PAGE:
The longer term solution is to learn wisdom from the word of God, especially the Proverbs. Develop the habit of a daily walk with the Lord and practice what you learn each day. Character isn’t changed in a day, but over time the Lord will polish your rough edges so that you become more and more like Him, who was never quick-tempered but always directed by the Holy Spirit. Hope this helps.

Answer a Fool?

Proverbs 26 4-5 b

Q. Prov 26:4 tells us do not answer a fool. V 5 then tells us to answer a fool. Isn’t this a contradiction? You can’t speak from both sides of your mouth!

A. No, it is not a contradiction, but a paradox. This passage tells us to be wise by responding as the situation dictates.

* Prov 26:4-5 Do not answer a fool according to his folly, Or you will also be like him. Answer a fool as his folly deserves, That he not be wise in his own eyes.

In general, don’t waste time arguing with a fool, or you’ll descend to his level arguing back and forth in a silly squabble. Ignore him.

However, if it becomes necessary that you do have to answer him, use his own arguments back on him. Let him have a taste of his own medicine, so he’ll know how stupid he really is. Otherwise he’ll think he’s so smart.

Proverbs 26 4-5 c

So it depends on the situation, not a hard-and-fast black-and-white.

Knowledge of Good and Evil (2 of 2)

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(Continued from yesterday)

I think the figurative meaning fits the serpent’s temptation better, because if the literal meaning was meant, why should Adam and Eve’s desire to know good from evil be a sin? Isn’t moral knowledge good? When Solomon asked God for wisdom to discern between good and evil, wasn’t God pleased? Isn’t the ability to discern good and evil for the mature? So why would God punish Adam and Eve for desiring a good thing? The problem is not with the tree of the knowledge of good and evil itself. There is nothing inherently bad about the tree. God could have used any tree to test Adam – whether he will trust and obey God.

However, if the figurative meaning was intended, then the serpent’s suggestion makes sense:
Gen 2:17 but from the tree of the knowledge of good and evil you shall not eat, for in the day that you eat from it you will surely die.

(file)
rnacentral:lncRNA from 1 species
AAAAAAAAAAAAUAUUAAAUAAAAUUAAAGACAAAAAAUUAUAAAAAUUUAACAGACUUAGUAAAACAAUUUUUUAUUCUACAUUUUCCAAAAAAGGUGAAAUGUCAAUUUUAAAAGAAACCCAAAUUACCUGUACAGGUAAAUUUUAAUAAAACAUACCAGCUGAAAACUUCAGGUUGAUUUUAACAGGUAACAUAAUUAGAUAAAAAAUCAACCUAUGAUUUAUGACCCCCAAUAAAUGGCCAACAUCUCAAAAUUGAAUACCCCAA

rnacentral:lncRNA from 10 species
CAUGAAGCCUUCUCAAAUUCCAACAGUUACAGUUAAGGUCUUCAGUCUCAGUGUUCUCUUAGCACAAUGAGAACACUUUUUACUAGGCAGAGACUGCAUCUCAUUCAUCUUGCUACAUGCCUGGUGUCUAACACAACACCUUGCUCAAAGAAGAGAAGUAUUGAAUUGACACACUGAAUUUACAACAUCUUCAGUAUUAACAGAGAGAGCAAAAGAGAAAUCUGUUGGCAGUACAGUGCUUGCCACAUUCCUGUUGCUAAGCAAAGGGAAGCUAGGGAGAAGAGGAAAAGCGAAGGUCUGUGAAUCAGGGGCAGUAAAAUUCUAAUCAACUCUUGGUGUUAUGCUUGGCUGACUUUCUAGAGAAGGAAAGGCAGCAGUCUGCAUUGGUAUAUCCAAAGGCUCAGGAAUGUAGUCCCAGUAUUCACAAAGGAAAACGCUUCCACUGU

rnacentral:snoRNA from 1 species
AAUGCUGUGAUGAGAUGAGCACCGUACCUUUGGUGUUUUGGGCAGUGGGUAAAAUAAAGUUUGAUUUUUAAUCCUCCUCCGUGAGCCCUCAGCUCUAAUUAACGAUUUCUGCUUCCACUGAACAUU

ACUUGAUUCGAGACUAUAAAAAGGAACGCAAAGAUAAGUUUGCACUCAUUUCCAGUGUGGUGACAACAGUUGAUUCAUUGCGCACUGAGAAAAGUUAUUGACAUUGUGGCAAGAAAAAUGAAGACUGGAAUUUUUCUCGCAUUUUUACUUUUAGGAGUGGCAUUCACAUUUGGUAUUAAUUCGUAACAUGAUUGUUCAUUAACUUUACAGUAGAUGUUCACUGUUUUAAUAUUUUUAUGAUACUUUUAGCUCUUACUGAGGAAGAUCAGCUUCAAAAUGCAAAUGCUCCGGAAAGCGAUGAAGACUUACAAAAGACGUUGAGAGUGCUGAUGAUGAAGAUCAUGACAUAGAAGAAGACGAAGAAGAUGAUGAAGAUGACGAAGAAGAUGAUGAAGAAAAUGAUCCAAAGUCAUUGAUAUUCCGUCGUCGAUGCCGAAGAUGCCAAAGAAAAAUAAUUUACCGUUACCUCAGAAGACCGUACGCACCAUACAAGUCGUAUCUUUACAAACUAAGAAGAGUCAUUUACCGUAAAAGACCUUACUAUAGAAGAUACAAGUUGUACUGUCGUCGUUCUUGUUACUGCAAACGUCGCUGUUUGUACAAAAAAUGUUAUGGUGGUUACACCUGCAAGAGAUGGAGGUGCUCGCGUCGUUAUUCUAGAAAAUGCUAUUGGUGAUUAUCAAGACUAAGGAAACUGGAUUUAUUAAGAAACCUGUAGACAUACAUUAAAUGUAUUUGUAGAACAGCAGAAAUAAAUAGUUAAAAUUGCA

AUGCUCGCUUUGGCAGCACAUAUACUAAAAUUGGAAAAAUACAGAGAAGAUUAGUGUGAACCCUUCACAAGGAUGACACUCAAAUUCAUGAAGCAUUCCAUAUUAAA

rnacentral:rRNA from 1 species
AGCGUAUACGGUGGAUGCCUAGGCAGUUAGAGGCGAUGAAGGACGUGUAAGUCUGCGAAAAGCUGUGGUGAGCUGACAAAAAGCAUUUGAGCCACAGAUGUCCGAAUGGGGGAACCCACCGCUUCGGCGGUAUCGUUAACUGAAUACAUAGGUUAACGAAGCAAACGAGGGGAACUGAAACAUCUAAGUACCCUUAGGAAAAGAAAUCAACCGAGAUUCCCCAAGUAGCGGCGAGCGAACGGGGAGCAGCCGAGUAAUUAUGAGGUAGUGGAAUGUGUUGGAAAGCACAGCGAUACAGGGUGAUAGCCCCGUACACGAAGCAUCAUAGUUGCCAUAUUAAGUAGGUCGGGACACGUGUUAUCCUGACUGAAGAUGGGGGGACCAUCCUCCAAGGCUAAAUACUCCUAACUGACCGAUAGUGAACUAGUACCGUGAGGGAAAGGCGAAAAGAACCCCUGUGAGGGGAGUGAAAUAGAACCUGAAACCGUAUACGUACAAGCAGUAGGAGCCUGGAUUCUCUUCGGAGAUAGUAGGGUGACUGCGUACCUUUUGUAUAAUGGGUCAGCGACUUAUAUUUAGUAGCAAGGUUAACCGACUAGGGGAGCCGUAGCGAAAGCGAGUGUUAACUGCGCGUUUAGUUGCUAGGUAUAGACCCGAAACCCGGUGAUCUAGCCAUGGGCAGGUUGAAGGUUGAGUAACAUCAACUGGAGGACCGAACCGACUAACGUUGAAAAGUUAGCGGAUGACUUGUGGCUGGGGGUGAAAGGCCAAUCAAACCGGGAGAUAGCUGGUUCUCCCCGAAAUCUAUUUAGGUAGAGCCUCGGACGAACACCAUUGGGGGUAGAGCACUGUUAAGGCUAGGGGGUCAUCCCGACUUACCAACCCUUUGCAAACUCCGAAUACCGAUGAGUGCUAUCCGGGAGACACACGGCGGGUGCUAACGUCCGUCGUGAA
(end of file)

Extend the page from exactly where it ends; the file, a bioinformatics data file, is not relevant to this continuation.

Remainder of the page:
• Gen 3:5 For God knows that in the day you eat from it your eyes will be opened, and you will be like God, knowing good and evil.
• Gen 3:7 Then the eyes of both of them were opened, and they knew that they were naked; …

The serpent insinuated that God had an ulterior motive in forbidding them to eat from the tree of knowledge of good and evil – to prevent them from knowing all things and become omniscient like God. The sin is in disobeying God and believing in Satan, the very sin of pride Satan himself committed:
Isa 14:14 I will make myself like the Most High;
• Ezk 28:2 Because your heart is lifted up and you have said, ‘I am a god, … although you make your heart like the heart of God;
• Ezk 28:6 Because you have made your heart like the heart of God;
• Ezk 28:9 Will you still say, “I am a god”;

Prior to Gen 3:6 Adam and Eve knew good and evil only cognitively. They knew to obey God is good and to disobey is evil, and the consequence is death or alienation from God. After they ate they knew it experientially. They became aware that they were naked. Previously the man and his wife were both naked and were not ashamed (Gen 2:25); now they are ashamed and covered themselves up.

Lastly, what does Gen 3:22 mean – Then the LORD God said, “Behold, the man has become like one of Us, knowing good and evil”? God could not have meant Adam and Eve had become omniscient like Him and knew everything. They are creatures and will forever be finite, and could not possibly have infinite knowledge, i.e. become omniscient. Never! The serpent was dead wrong. I believe the literal meaning was intended and God simply meant Adam became like Him in the sense of being able to discern good from evil. Unfortunately of his own free-will he refused good and chose evil. Some commentators added that God might be stating this in a mocking tone i.e. the man has become like one of Us – NOT! but we have no way of ascertaining whether this is the case as the text did not say.